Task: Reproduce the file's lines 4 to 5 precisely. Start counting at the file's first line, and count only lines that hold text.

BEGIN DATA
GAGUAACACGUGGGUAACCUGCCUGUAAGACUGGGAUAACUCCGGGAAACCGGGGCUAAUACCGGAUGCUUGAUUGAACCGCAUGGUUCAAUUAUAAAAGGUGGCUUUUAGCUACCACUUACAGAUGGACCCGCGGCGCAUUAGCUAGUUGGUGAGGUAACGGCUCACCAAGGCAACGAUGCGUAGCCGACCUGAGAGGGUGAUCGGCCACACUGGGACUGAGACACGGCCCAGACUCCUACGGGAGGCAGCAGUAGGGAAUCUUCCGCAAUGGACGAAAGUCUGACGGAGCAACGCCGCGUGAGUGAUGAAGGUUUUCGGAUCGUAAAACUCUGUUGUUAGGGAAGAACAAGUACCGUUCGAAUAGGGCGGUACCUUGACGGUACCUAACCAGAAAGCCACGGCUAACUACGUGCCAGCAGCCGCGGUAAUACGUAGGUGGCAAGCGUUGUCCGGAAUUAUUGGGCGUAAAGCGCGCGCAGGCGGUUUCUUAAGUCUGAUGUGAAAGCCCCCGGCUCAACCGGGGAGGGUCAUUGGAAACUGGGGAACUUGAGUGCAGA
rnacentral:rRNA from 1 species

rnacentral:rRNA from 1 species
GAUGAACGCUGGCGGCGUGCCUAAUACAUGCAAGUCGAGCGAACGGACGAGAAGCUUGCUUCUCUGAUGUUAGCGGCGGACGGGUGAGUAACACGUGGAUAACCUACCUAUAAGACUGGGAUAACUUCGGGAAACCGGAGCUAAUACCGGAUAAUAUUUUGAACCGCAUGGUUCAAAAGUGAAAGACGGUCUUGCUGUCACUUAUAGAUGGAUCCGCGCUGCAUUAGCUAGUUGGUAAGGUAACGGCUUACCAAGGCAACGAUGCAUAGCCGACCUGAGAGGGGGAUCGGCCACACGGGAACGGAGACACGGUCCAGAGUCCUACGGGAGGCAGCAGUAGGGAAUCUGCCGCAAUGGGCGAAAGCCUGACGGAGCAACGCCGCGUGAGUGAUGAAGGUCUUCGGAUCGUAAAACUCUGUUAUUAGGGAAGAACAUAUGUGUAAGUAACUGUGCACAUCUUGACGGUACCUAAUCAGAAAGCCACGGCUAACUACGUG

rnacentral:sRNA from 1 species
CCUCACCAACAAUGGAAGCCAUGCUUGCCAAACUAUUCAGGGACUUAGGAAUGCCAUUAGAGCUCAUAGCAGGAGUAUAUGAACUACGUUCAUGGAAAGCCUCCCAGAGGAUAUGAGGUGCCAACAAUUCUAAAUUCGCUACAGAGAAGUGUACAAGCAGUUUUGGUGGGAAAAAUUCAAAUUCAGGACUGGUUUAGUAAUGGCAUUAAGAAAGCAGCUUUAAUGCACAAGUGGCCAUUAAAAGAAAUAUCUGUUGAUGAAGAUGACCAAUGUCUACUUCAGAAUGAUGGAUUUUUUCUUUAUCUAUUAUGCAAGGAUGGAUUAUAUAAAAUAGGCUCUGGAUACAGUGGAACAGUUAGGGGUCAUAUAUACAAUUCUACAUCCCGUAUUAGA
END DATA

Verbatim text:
GAUGAACGCUGGCGGCGUGCCUAAUACAUGCAAGUCGAGCGAACGGACGAGAAGCUUGCUUCUCUGAUGUUAGCGGCGGACGGGUGAGUAACACGUGGAUAACCUACCUAUAAGACUGGGAUAACUUCGGGAAACCGGAGCUAAUACCGGAUAAUAUUUUGAACCGCAUGGUUCAAAAGUGAAAGACGGUCUUGCUGUCACUUAUAGAUGGAUCCGCGCUGCAUUAGCUAGUUGGUAAGGUAACGGCUUACCAAGGCAACGAUGCAUAGCCGACCUGAGAGGGGGAUCGGCCACACGGGAACGGAGACACGGUCCAGAGUCCUACGGGAGGCAGCAGUAGGGAAUCUGCCGCAAUGGGCGAAAGCCUGACGGAGCAACGCCGCGUGAGUGAUGAAGGUCUUCGGAUCGUAAAACUCUGUUAUUAGGGAAGAACAUAUGUGUAAGUAACUGUGCACAUCUUGACGGUACCUAAUCAGAAAGCCACGGCUAACUACGUG

rnacentral:sRNA from 1 species